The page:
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Suffragette Stitches, Marion Wallace Dunlop

The Treasures of the Smith exhibition, which runs until 4 October has a new acquisition of some significance. It is an embroidered fire screen by the famous suffragette activist and artist, Marion Wallace Dunlop (1864-1942). The subject is Spring and features a woman in long purple robes surrounded by blue birds, bluebells and other spring flowers.


Marion Wallace Dunlop, who trained at Slade School of Art, was an artist of considerable talent but until now, none of her work has appeared in the collection of a public museum or gallery.

Although she lived most of her life in England, she was fiercely proud of her Scottish birth and heritage. She claimed descent from William Wallace’s mother (as did the entire Wallace Dunlop family), and she sought to emulate Wallace in her fight for votes for women. Jailed in July 1909, she wondered what William Wallace would do – and stopped eating, thus initiating the tactic of the hunger strike, which has since been a powerful weapon in the hands of political prisoners worldwide. George Bernard Shaw wrote that her actions ‘struck a chord which will vibrate to the end of time when we are dead and forgotten, when this great movement has spent itself and been crowned with victory’.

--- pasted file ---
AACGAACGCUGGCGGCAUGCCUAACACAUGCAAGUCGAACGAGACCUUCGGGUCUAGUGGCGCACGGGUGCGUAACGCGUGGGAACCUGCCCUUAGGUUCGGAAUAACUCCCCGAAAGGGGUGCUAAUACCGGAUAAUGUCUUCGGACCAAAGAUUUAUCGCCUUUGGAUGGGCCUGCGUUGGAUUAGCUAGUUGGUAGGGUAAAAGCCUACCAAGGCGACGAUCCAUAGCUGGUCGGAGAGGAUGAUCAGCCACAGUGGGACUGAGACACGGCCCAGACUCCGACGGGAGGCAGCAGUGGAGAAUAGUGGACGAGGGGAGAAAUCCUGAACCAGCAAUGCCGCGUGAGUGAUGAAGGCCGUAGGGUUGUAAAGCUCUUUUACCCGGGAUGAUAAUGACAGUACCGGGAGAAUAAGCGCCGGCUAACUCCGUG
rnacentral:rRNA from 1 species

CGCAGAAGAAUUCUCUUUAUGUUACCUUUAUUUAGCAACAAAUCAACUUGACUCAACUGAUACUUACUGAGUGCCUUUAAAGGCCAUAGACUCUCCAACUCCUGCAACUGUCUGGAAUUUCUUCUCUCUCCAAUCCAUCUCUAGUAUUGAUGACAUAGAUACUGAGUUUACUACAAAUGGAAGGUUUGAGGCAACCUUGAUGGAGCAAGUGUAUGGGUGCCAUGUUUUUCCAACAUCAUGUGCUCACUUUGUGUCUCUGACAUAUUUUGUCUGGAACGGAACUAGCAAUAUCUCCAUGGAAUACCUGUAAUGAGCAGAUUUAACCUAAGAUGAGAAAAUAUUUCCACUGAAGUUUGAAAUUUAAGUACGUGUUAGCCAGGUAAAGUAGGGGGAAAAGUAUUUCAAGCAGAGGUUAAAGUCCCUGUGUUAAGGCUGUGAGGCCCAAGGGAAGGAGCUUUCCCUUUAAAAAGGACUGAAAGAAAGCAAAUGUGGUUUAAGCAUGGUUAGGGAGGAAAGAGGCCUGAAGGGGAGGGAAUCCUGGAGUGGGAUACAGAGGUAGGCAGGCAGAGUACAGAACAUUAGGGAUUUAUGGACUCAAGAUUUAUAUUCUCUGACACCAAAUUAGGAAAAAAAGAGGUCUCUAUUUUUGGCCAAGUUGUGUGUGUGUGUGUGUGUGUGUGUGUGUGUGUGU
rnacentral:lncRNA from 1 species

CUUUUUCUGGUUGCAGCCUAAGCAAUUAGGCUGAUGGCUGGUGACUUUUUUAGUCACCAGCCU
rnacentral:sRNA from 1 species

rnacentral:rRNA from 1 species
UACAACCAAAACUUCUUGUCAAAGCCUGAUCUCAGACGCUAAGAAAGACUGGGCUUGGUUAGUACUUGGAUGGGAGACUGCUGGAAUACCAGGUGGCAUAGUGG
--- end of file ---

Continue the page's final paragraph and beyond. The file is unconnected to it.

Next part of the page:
Marion still has relatives in Kippen, and it is good to have her art in Stirling.

 

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